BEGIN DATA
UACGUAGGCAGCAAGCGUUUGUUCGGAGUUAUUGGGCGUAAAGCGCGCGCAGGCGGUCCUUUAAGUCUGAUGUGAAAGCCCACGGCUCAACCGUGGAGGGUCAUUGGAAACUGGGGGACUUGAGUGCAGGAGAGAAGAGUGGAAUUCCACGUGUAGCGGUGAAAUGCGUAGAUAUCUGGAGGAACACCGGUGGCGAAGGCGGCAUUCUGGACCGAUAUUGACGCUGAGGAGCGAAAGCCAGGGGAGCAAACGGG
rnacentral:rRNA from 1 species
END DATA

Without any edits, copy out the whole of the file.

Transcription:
UACGUAGGCAGCAAGCGUUUGUUCGGAGUUAUUGGGCGUAAAGCGCGCGCAGGCGGUCCUUUAAGUCUGAUGUGAAAGCCCACGGCUCAACCGUGGAGGGUCAUUGGAAACUGGGGGACUUGAGUGCAGGAGAGAAGAGUGGAAUUCCACGUGUAGCGGUGAAAUGCGUAGAUAUCUGGAGGAACACCGGUGGCGAAGGCGGCAUUCUGGACCGAUAUUGACGCUGAGGAGCGAAAGCCAGGGGAGCAAACGGG
rnacentral:rRNA from 1 species